Long before the time of hydrologists the ancient kupuna knew the waters of West Hawaii needed to be conserved.
That was the historical context for messages delivered at an informational meeting on Kaloko-Honokohau National Historical Park in Kailua-Kona Thursday night — a gathering sponsored by the group that advocates for the park.
“The issue is a concern to all of us. What are we using? Is there enough?” said Fred Cachola, president of Makani Hou o Kaloko-Honokohau, a nonprofit organization that assists the park in perpetuating Native Hawaiian practices.
“It’s a community concern,” Cachola said. “It’s not just the park waving the flag.”
The National Park Service petitioned last fall to designate the Keauhou aquifer a state water management area. Thursday night’s information made clear why the park wants to pursue a move it sees as helping to safeguard the water, which it considers a biocultural resource it is mandated to protect.
The park includes three traditional fishponds built by Native Hawaiians, 598 acres of intertidal, marine and reef habitat and 185 anchialine pools as well as cultural sites and other resources. Water from the Keauhou aquifer drains through the park to the ocean.
Salinity changes and lower amounts of freshwater could impact traditional practices such as pond harvests of amaama and other nearshore fish taken for subsistence, cultural and religious purposes, according to park officials.
Current water permitting processes include showing what impact the permit would make on the resource, Superintendent Tammy Duchesne said to the group of about 75 people.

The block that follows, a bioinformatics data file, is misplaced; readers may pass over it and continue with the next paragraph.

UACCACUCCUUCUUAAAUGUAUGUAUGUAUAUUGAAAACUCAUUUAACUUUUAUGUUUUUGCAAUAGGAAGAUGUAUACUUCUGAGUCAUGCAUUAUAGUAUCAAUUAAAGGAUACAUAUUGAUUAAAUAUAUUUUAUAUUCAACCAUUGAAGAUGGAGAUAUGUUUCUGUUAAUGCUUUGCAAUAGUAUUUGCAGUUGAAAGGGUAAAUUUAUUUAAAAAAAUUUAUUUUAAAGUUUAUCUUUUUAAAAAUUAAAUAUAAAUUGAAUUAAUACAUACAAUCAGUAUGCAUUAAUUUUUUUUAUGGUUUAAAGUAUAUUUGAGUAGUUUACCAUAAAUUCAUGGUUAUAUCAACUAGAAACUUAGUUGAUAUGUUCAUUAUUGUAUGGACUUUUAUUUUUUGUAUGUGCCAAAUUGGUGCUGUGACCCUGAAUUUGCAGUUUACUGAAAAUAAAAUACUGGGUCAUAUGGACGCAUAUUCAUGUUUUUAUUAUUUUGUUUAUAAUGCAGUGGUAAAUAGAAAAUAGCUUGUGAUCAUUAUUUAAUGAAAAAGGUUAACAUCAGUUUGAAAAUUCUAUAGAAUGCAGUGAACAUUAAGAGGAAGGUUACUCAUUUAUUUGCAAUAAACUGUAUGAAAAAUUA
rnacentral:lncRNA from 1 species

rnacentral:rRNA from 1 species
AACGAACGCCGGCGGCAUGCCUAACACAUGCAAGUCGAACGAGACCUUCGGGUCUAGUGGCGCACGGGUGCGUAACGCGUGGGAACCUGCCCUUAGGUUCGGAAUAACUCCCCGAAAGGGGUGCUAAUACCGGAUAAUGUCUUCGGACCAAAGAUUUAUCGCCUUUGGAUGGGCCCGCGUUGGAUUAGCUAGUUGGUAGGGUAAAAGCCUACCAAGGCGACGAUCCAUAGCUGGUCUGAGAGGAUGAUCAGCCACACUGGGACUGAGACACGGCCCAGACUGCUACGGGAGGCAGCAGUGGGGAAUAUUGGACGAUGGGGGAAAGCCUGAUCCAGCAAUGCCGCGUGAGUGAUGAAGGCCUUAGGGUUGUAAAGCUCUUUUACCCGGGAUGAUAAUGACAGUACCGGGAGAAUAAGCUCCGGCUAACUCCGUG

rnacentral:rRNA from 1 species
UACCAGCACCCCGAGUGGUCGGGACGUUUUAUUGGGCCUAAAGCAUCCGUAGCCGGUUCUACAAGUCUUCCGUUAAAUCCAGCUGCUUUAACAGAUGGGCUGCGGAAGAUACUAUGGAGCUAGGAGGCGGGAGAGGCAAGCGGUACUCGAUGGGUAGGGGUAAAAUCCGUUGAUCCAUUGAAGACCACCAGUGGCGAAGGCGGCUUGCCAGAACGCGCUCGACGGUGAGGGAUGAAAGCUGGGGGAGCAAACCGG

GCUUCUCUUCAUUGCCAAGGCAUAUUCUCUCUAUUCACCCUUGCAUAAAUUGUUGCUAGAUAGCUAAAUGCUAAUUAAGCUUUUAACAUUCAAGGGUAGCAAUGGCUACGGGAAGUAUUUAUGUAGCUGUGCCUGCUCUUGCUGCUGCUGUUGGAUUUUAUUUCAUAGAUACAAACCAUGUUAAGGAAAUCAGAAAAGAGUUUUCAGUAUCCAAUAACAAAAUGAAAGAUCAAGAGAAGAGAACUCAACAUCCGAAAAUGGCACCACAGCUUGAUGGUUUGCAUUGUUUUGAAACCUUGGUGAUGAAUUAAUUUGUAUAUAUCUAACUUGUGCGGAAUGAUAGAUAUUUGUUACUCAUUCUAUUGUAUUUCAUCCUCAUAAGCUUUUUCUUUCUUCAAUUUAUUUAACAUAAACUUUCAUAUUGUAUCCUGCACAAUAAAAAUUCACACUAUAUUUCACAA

Under a state water management designation, the commission would decide if proposed uses for the water are reasonable and beneficial and do not harm the public trust resource, Duchesne said.
“Concerned parties can comment on proposed placement of wells,” she said.
Ten other water management areas fall under the auspices of the state Commission on Water Resource Management, including most of Oahu, all of Molokai and a portion of Maui, she said.
Current draw from the Keauhou aquifer is around 14 million gallons a day, according to the NPS. Sustained yield is considered to be 38 million gallons per day. But the latter number doesn’t take into account the water needed to sustain traditional and cultural practices in the park, Duchesne said.
With climate predictions calling for harsher and more frequent droughts, state management of the water is a proactive approach to balancing water protection and development, Duchesne said.
The superintendent acknowledged that the proposal has caused tension and animosity.
“It was never our intention to cause this, to divide the community,” she said.
“We took action because we felt it was necessary to fulfill the goals of the kupuna who created this park,” she said. “We have hydrologists, water quality people, and two superintendents before me who examined this. I assure you we did not enter this lightly.”
Opponents of designation say the science doesn’t support claims the water supply is being strained — or that it will be in the future. But Duchesne said the state water code does not require proof of harm before a resource is put under state control.
“Designation requires a reasonable determination that water may be harmed, looking both at current status and future trends and plans,” she wrote in a recent email to West Hawaii Today. “The NPS petition lays out our case for why we believe this test has been met, and we look forward to the Water Commission determining if we have met that burden.”